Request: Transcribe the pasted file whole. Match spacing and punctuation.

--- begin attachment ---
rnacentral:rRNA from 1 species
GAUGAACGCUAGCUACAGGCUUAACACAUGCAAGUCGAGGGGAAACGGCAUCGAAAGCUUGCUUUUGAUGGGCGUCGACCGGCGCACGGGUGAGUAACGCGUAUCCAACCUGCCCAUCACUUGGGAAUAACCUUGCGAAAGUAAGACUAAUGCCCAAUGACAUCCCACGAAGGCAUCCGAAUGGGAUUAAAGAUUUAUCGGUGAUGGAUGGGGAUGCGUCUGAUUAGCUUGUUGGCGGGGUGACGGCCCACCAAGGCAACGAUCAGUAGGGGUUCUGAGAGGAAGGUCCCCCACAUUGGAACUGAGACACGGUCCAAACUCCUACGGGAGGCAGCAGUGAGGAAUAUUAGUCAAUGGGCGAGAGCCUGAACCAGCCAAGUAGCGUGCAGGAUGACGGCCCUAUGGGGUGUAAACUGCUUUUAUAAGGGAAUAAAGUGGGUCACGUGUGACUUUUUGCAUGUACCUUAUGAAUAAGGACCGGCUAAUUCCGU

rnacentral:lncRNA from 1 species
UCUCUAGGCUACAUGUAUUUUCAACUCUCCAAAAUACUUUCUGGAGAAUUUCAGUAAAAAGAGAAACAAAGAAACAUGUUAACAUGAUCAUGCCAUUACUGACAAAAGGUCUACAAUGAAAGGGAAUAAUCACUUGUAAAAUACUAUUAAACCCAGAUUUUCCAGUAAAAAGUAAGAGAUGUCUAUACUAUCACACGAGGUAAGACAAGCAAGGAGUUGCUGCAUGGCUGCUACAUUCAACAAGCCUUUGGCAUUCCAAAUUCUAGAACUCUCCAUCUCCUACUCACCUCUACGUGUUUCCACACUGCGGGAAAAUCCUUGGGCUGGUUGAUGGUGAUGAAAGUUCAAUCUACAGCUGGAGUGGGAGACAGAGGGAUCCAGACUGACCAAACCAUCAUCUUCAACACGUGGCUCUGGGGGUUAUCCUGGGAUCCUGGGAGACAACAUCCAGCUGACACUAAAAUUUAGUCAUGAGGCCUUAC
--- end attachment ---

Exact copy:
rnacentral:rRNA from 1 species
GAUGAACGCUAGCUACAGGCUUAACACAUGCAAGUCGAGGGGAAACGGCAUCGAAAGCUUGCUUUUGAUGGGCGUCGACCGGCGCACGGGUGAGUAACGCGUAUCCAACCUGCCCAUCACUUGGGAAUAACCUUGCGAAAGUAAGACUAAUGCCCAAUGACAUCCCACGAAGGCAUCCGAAUGGGAUUAAAGAUUUAUCGGUGAUGGAUGGGGAUGCGUCUGAUUAGCUUGUUGGCGGGGUGACGGCCCACCAAGGCAACGAUCAGUAGGGGUUCUGAGAGGAAGGUCCCCCACAUUGGAACUGAGACACGGUCCAAACUCCUACGGGAGGCAGCAGUGAGGAAUAUUAGUCAAUGGGCGAGAGCCUGAACCAGCCAAGUAGCGUGCAGGAUGACGGCCCUAUGGGGUGUAAACUGCUUUUAUAAGGGAAUAAAGUGGGUCACGUGUGACUUUUUGCAUGUACCUUAUGAAUAAGGACCGGCUAAUUCCGU

rnacentral:lncRNA from 1 species
UCUCUAGGCUACAUGUAUUUUCAACUCUCCAAAAUACUUUCUGGAGAAUUUCAGUAAAAAGAGAAACAAAGAAACAUGUUAACAUGAUCAUGCCAUUACUGACAAAAGGUCUACAAUGAAAGGGAAUAAUCACUUGUAAAAUACUAUUAAACCCAGAUUUUCCAGUAAAAAGUAAGAGAUGUCUAUACUAUCACACGAGGUAAGACAAGCAAGGAGUUGCUGCAUGGCUGCUACAUUCAACAAGCCUUUGGCAUUCCAAAUUCUAGAACUCUCCAUCUCCUACUCACCUCUACGUGUUUCCACACUGCGGGAAAAUCCUUGGGCUGGUUGAUGGUGAUGAAAGUUCAAUCUACAGCUGGAGUGGGAGACAGAGGGAUCCAGACUGACCAAACCAUCAUCUUCAACACGUGGCUCUGGGGGUUAUCCUGGGAUCCUGGGAGACAACAUCCAGCUGACACUAAAAUUUAGUCAUGAGGCCUUAC